It was also by His divine intervention that just a week before coming to Nakuru, we met an American couple living in Kijabe, just an hour outside of Nakuru. The wife happens to be a physician at a well-known hospital in Kijabe so upon learning of Najim’s condition, we touched base with that American couple and quickly mobilized our local team to take Najim for a check-up - something she hadn’t received in an unknown specified amount of time. Ibrahim and another team member spent the entire day at the hospital while Najim received much-needed medical care and treatment.

While we’d like to say that Najim is now completely healed, there is still more that needs to take place - that of her physical condition but, more importantly, of her spirit. Fortunately, Youth Venture meets at the boarding school weekly, and there is a house mom who has sown and shown much compassion and love for Najim (this house mom is also expected to be a part of Youth Venture!)

We are so thankful to see God working through our team’s dedication and commitment to the youth, just as we see it in the states. We also know that through all of this Najim has felt the all-consuming, never-ending love of Christ - the first and most important step in any road to recovery and redemption.

Please join us in prayer as we lift up Najim and the untold stories of other kids of Youth Venture East Africa, and through it all, may He receive all the glory, honor, and blessing. Amen.

We're In This Together

When we lived in the States, we met every week at a friend’s house to fellowship with the saints and collectively worship our Lord. We would dine, laugh, cry, and minister to one another as well as discuss the gospel against the backdrop of current events. In other words, we went to a church home group. What made it easy and enjoyable to (almost) make it every week wasn’t the pastor’s constant, friendly rebuke if we did not show up; it was that we were all friends.

Over the past handful of years I, Jeremy, have had this mental question of how the Kingdom applies to everyday relationships. I think there’s some underlying assumption that all believers should be friends or have an unspoken kinship with one another simply because we share in the grace of God and our call to discipleship.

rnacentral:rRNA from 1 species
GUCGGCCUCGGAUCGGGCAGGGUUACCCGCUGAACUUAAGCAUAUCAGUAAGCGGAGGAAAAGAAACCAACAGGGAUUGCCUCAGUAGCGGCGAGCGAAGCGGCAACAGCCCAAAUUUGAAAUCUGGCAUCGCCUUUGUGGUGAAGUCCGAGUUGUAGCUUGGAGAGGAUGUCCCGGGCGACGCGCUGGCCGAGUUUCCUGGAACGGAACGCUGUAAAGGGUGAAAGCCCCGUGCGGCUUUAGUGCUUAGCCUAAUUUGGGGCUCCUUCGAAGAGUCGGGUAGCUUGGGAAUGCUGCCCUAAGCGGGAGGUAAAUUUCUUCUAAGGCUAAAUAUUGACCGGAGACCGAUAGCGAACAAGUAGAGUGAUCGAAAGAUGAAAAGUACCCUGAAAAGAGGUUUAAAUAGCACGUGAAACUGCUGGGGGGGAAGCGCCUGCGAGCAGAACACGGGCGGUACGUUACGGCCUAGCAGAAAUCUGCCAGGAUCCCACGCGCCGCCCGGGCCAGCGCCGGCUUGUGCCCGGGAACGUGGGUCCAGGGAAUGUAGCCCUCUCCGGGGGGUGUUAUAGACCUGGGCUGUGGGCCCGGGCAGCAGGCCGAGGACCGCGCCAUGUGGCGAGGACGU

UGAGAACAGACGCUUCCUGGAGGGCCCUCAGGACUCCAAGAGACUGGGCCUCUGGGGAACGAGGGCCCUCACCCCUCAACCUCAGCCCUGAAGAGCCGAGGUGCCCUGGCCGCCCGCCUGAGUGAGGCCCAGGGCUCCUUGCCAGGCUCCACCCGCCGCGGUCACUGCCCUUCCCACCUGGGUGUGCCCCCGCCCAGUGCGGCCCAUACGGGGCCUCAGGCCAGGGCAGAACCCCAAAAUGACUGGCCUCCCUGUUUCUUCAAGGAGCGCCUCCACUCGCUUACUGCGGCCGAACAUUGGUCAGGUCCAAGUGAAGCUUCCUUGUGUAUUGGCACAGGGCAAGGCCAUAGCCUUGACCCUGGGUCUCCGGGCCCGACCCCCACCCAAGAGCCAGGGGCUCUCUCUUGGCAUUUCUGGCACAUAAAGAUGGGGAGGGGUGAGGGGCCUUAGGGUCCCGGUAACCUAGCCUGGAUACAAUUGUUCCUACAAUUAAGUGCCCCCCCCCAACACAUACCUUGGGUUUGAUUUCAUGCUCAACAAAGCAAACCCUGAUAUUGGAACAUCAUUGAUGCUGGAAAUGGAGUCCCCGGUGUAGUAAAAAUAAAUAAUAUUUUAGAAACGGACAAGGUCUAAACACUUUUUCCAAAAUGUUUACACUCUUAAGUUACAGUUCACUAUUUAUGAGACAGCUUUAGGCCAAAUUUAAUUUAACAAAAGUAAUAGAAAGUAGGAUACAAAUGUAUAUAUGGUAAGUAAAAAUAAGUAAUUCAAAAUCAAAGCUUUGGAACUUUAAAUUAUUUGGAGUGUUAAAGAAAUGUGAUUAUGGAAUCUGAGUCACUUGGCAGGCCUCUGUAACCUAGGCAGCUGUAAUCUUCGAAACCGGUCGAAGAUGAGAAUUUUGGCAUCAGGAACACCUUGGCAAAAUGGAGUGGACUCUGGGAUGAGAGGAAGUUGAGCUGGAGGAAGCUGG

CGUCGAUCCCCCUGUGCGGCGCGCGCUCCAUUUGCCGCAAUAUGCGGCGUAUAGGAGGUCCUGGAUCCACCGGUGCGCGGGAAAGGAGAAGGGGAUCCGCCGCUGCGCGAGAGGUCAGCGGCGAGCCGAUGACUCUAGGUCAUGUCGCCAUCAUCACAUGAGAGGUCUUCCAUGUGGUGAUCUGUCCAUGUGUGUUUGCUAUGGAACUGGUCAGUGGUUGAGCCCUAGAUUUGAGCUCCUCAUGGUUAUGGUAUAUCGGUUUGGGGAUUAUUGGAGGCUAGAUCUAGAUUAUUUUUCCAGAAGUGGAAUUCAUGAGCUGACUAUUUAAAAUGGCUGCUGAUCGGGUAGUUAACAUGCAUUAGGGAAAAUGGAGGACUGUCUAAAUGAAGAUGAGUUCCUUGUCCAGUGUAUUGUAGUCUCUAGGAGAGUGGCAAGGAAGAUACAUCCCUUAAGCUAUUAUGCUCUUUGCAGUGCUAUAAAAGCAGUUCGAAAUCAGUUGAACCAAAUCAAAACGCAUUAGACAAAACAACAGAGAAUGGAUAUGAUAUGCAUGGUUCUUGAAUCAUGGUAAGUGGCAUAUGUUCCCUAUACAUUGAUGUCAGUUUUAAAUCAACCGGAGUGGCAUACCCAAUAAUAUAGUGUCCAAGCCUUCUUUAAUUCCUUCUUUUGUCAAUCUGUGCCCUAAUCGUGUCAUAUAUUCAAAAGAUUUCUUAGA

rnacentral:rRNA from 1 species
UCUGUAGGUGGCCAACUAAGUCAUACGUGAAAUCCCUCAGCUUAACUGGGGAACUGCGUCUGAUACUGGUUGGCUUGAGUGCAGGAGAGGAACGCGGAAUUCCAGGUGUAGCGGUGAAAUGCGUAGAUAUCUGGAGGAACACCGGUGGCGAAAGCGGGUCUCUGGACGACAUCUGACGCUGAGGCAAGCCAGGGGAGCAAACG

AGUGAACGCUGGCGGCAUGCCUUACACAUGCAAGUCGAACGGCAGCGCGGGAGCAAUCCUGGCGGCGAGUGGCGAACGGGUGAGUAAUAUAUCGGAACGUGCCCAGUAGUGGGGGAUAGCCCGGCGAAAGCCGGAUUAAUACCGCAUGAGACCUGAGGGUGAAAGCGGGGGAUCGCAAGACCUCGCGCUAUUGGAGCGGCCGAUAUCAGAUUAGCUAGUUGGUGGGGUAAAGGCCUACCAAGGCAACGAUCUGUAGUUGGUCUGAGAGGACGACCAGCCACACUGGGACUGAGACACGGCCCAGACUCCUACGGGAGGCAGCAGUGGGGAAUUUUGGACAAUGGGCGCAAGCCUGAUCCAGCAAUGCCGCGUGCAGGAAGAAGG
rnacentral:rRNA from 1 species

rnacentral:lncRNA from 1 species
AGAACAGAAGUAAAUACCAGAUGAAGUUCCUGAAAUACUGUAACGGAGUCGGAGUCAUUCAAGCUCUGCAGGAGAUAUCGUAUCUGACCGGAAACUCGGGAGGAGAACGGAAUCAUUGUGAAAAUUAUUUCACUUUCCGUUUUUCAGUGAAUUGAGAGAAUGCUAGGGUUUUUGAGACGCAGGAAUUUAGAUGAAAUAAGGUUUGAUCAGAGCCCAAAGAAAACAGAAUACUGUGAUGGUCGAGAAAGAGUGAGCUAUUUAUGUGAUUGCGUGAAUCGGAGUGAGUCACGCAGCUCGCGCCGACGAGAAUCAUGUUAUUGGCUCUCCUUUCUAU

Since moving to Kenya and quickly, almost forcefully, making friendships, I've realized that there’s no time to waste on superficial qualifications; forming a friendship here means seeing beyond physical features, appearances, mutual interests (aside from serving God), language, and even culture. As we are here, seemingly alone, there is more meaning to friendship than what we were used to in the States. Our friendship circle is now opening up, just like our hearts, to really see the character of a person - that as fellow saints we are included in the same heavenly family and, thus, share the strongest bond any two people can have.

So, although we miss the many things that made San Diego home, we are learning and growing into building relationship here and how we can really take that anywhere we go.

A Weary World Rejoices


With the season of advent upon us, I drafted a blog entry exhorting believers to remember why we celebrate with anticipatory joy this coming month. The familiar topic is usually in abundance during this time of year so would my entry merely add to the noise?

During my procrastination to click “publish,” I came across this article on the Nations Foundation blog. After reading, I quickly re-thought my original subject matter. I was particularly taken aback as the author, Rachel Karman, cited the first verse of “O Holy Night”:

Long lay the world in sin and error pining,
Till He appeared and the soul felt its worth.
A thrill of hope, the weary world rejoices,
For yonder breaks a new and glorious morn.

Usually when I sing this song, I be sure to put on my best falsetto, as if trying out for “The Voice.” Rarely do I give ample attention to each lyric. This time, however, something grabbed my attention - one line that, I think, underscores our anticipation for December 25th:

The weary world rejoices.